(Story behind picture of Lucy Cottrell was the daughter of Dorothea (Dolly) Cottrell, a house servant at Monticello who, after 1826, became the property of George Blaetterman, a professor at the University of Virginia. About 1850 Dolly and Lucy Cottrell went to Maysville, Kentucky, with the professor’s widow, who freed them five years later. In this daguerreotype Lucy Cottrell is holding Charlotte, daughter of Blaetterman’s foster son.)
Jefferson must have taken it literally that all of his hundreds of slaves belonged to him to do with as he liked. After the death of his wife in 1782, he had a relationship with Sally Hemings and fathered at least one of her children. This may have been the beginning of those who now have Jefferson as part of their heritage. Nevertheless, despite the events in his life that makes him controversial, he is consistently ranked as one of the countries “Greatest Presidents”. Presidents are often making decisions to foster their own legacy. History will play out whether the time in office points to greatness or the lack thereof.
Video. Turn on sound and enlarge for best viewing.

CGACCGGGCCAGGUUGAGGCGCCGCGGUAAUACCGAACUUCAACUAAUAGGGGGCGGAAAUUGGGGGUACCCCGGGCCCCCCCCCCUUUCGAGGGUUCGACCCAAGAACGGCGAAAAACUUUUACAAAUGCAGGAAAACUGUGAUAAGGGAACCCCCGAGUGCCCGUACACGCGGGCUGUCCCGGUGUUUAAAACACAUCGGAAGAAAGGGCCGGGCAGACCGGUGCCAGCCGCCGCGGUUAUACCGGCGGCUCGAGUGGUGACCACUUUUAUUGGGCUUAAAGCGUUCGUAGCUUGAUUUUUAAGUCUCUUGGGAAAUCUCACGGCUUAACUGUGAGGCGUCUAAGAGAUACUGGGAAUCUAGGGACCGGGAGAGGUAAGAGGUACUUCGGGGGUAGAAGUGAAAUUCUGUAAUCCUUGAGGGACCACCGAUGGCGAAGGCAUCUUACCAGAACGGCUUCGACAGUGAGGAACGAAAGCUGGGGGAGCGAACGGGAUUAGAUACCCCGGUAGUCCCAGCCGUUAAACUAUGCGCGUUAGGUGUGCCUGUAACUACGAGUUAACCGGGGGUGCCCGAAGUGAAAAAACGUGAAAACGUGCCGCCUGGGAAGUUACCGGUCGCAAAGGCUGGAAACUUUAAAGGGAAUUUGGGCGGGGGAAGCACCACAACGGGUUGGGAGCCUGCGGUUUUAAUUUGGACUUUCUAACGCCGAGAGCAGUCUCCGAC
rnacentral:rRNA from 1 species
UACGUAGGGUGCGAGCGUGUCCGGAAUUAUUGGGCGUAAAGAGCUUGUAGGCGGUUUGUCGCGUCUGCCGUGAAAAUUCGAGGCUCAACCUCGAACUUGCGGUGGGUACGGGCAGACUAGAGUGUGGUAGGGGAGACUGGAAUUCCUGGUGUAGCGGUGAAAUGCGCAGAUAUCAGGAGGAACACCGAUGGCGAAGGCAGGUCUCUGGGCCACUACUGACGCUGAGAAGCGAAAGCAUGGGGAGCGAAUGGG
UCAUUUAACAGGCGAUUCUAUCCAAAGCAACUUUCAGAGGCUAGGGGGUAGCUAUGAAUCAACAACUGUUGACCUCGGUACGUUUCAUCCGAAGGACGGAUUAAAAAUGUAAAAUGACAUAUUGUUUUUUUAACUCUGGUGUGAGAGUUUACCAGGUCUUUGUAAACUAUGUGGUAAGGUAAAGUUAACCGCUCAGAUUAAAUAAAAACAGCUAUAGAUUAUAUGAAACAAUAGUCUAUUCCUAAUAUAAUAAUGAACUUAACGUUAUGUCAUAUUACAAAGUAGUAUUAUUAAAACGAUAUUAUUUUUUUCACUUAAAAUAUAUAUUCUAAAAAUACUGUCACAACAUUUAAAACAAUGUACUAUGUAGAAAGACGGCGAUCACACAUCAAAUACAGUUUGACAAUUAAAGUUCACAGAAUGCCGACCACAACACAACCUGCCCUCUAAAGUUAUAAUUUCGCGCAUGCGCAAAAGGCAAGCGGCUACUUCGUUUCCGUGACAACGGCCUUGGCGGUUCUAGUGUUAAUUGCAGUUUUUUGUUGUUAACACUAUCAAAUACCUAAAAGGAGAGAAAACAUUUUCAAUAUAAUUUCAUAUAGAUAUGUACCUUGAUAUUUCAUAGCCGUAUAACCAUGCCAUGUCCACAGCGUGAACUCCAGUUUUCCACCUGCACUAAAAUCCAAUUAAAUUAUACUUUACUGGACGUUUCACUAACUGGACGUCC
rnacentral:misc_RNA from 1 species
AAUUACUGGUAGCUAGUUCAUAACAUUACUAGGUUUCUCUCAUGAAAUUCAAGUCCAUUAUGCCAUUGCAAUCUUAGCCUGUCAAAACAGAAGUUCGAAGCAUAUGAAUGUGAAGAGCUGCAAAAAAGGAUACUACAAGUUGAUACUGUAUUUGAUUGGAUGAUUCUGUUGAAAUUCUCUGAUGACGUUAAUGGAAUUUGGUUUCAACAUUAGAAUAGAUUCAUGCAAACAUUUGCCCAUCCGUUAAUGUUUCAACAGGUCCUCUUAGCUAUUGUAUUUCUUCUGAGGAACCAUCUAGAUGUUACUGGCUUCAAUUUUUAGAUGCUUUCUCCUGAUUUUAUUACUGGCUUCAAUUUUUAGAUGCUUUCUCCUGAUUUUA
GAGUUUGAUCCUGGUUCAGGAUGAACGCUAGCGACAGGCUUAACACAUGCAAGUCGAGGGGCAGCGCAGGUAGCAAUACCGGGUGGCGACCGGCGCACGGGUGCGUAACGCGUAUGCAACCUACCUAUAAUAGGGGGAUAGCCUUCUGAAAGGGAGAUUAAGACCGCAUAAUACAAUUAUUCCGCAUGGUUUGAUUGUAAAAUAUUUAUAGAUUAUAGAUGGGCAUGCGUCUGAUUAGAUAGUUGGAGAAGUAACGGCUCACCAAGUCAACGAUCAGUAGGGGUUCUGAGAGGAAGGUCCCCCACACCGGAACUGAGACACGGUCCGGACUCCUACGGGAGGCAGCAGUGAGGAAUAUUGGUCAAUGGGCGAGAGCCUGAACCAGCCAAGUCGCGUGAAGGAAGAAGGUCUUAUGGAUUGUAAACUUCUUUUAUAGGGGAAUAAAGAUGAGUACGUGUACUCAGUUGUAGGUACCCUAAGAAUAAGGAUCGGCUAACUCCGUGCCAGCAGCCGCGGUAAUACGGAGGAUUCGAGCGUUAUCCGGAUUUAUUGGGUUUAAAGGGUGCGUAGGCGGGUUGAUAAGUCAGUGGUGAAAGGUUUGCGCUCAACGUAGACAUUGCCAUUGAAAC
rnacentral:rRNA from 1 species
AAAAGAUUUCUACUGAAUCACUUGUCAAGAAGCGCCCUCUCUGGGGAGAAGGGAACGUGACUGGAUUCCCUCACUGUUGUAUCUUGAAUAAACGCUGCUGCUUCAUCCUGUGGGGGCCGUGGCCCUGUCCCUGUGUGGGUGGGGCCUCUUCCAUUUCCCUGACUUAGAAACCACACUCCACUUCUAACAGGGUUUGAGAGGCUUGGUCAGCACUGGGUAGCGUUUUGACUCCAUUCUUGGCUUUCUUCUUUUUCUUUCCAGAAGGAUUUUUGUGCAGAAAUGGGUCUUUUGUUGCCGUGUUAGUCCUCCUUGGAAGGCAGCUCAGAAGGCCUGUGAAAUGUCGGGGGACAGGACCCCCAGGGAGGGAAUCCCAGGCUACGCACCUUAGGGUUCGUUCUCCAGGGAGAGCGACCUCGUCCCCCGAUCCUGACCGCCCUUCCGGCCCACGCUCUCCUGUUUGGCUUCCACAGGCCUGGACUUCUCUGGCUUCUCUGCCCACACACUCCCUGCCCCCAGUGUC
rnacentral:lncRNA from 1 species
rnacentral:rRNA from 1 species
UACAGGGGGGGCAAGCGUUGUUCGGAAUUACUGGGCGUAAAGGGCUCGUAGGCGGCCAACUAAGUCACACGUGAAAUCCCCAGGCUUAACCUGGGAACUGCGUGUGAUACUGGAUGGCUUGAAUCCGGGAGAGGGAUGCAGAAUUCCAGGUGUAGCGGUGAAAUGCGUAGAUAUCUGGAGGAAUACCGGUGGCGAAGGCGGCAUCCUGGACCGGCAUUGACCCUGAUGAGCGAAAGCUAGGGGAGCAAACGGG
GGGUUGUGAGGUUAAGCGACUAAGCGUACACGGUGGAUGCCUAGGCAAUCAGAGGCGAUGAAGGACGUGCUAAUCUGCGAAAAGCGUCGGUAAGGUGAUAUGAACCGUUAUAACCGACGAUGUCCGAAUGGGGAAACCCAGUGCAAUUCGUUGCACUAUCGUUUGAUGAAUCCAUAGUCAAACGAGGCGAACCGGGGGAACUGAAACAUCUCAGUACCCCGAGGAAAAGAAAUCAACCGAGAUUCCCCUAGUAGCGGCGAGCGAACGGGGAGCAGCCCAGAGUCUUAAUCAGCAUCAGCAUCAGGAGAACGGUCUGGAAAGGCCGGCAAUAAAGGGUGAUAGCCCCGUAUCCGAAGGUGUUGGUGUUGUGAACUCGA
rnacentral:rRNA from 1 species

The question is have you read it? In this world of learning, libraries and book stores are filled with more than anyone could read in a life time. Yet, we as Americans have probably never read one of the most important documents in history. Yes, I’m talking about the Constitution of the United States.
Recently, we heard a convention speaker ask if a candidate had “ever read the Constitution of the United States?” This was a very good question, especially coming from someone who was not born in this country but immigrated here.
My question is have you read any part of The Constitution? If you are not a citizen of the U.S, you probably have not. You are not alone because The Constitution, which is our most precious document, is rarely taught or discussed in our schools and what parent is going to encourage their child to read it? Probably very few.
I thought the challenge was a good one because I have not read the entire document even though I was a teacher for many years. Bravo to those of you who have. My students discussed it in the context of studying history, but we never read it in class.